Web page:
The scale of abuse in Rotherham shocked many, but depressingly few of those working at the frontline of child sexual exploitation (CSE). As one support worker told me: “Rotherham is not the exception, it is more likely to be the norm.”
But what was different about Rotherham, was a number – 1,400. That is 1,400 childhoods stolen and families broken. It is hard to conceive in a town of around 250,000 people.
Victims and parents were ignored and at times, treated with contempt by the authorities. It rightly prompted questions about who knew what and why they did not act.
We saw young girls in the early hours of the morning coming in and out of buildings with different men.
But while the victims, now young women, wait to see if their cases will make it to court, grooming continues.
Channel 4 News has obtained figures that show high levels of children at risk of CSE in England in the first six months of this year – in fact, thousands of children are at risk, including in some cases, babies. What we found surprising was the admission by some councils that they only started recording CSE referrals last year.
The data includes a range of abuse and it is recorded in different ways by different councils. However, we wanted to look at grooming and the picture beyond Rotherham.
There have been great strides made by police, social services and charities in some parts of the UK. In Keighley, in a project run by The Children’s Society, former victims of grooming are now acting as mentors to other vulnerable girls and boys. They are taught to spot warning signs and recognise what is unhealthy behaviour. It is significant progress in a town where in 2002, the Labour MP Ann Cryer became the first public figure in Britain to speak out about allegations of “young Asian lads” grooming underage white girls in the West Yorkshire town.
The clock is ticking
But there is no one national support programme, nor is there one single pattern to the abuse or abusers. And the clock is ticking. I was told by one woman working with affected families that a referral to a specialist CSE team within the first six months of the abuse starting is vital. Otherwise the child can become trapped in the abuse, distorting their perspective of a healthy relationship and leading to further trauma that can affect brain development.
We spent three nights in Bradford, one of the towns with the highest number of CSE referrals in England in 2014. We spoke to young people and tried to observe what was happening on the streets. Some of the young girls from Rotherham say they were trafficked to Bradford. It is a lively and multicultural city, but young people told us the reporting of grooming cases has created racial tension.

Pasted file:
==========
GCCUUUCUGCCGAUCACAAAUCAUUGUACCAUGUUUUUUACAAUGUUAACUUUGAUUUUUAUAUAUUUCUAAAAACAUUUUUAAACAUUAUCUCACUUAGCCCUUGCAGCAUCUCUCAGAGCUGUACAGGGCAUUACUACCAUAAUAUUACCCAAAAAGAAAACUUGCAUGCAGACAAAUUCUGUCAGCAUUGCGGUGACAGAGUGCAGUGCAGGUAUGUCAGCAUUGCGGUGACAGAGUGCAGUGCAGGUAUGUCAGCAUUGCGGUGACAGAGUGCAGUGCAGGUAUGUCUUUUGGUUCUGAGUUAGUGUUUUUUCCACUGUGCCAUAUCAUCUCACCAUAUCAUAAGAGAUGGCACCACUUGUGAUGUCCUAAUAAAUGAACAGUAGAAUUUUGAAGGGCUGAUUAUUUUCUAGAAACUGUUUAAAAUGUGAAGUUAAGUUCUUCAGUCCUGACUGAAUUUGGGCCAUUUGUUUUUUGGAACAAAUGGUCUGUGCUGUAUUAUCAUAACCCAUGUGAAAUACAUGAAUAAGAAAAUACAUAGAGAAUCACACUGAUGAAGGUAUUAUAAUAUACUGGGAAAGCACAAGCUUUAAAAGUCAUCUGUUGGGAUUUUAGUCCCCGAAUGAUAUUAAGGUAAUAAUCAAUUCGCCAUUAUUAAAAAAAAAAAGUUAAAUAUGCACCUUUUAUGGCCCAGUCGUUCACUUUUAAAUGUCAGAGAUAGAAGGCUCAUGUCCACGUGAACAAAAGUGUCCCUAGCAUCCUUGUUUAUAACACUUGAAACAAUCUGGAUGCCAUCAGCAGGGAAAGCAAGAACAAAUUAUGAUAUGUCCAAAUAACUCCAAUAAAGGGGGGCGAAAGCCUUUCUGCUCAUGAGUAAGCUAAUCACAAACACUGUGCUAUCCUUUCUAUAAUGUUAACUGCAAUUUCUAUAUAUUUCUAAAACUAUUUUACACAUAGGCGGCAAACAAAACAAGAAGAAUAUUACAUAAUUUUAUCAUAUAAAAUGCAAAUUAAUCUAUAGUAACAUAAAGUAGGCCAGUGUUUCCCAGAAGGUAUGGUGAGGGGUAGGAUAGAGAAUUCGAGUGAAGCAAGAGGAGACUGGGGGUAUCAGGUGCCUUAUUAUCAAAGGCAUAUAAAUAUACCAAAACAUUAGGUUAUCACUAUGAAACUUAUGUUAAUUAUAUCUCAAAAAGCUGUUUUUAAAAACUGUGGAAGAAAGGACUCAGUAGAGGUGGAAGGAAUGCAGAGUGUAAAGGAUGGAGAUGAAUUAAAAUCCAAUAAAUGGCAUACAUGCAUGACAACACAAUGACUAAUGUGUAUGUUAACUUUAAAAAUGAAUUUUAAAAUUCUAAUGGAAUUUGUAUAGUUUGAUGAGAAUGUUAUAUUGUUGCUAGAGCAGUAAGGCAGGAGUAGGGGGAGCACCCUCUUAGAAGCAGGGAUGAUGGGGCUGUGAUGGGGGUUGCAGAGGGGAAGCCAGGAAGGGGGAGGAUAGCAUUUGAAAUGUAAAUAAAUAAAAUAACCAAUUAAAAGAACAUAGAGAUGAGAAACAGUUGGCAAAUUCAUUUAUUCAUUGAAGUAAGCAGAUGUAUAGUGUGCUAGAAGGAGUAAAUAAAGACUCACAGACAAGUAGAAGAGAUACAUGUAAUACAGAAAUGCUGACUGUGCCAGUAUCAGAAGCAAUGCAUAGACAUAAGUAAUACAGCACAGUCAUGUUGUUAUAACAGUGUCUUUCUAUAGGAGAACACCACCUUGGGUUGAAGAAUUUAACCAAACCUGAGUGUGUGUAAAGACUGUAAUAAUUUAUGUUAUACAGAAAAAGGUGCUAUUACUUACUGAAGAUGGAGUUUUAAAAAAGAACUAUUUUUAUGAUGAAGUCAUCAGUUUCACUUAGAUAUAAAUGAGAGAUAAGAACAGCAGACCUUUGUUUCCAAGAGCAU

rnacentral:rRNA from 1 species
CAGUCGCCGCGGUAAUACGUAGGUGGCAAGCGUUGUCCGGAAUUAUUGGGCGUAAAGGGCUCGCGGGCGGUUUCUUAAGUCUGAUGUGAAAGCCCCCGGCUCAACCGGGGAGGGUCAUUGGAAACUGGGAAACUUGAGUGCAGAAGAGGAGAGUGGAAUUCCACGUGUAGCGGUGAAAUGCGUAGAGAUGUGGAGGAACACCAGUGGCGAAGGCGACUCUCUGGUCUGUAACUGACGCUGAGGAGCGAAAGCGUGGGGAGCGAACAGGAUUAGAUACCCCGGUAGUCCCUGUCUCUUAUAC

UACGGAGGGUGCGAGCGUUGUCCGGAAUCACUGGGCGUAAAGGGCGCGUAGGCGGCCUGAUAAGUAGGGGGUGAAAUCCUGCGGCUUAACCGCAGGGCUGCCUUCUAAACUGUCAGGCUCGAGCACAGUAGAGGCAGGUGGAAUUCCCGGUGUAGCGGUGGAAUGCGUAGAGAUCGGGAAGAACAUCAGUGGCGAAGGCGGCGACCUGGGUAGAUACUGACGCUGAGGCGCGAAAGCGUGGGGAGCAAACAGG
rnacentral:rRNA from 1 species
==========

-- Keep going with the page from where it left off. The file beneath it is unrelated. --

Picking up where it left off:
It is hard to define what we saw, but there were unsettling moments. Within minutes of arriving, we spotted a police officer looking for a missing 14-year-old. He said: “This happens all the time in Bradford and the girl goes missing two or three times a month.”
Rotherham is not the exception, it is more likely to be the norm.Support worker
It is a familiar feature in grooming cases around the UK. Minutes later, we saw young girls in the early hours of the morning coming in and out of buildings with different men. It is difficult to know their age, but they looked like vulnerable teenagers. In the red light area, we also witnessed a group of men abusing a sex worker.
But there is division in the way people describe the situation in Bradford and in many other cities where sexual abuse has been identified. We met a group of young people that in some ways symbolise that divide. A 15-year-old girl told us her mother had moved her out of nearby Keighley because she and her sister were approached a number of times by older white and Asian men. But the girl’s friend, who is Asian, says the media has unfairly focused on grooming gangs with Pakistani heritage. He claims to have been stopped by police simply because he was walking with a white girl.
His concern is backed up by some of the parents we spoke to in the rest of the country. We met one, called Jenny, whose daughter Sarah (not their real names) was abused by a group of white boys from the age of 12. The perpetrators were teenagers – something she feels is often overlooked.
Our film, broadcast on Channel 4 News at 7pm tonight, is only a snapshot of a hugely complex issue. But we hope it goes beyond the issues raised in Rotherham and reflects some of the current challenges and successes in tackling grooming.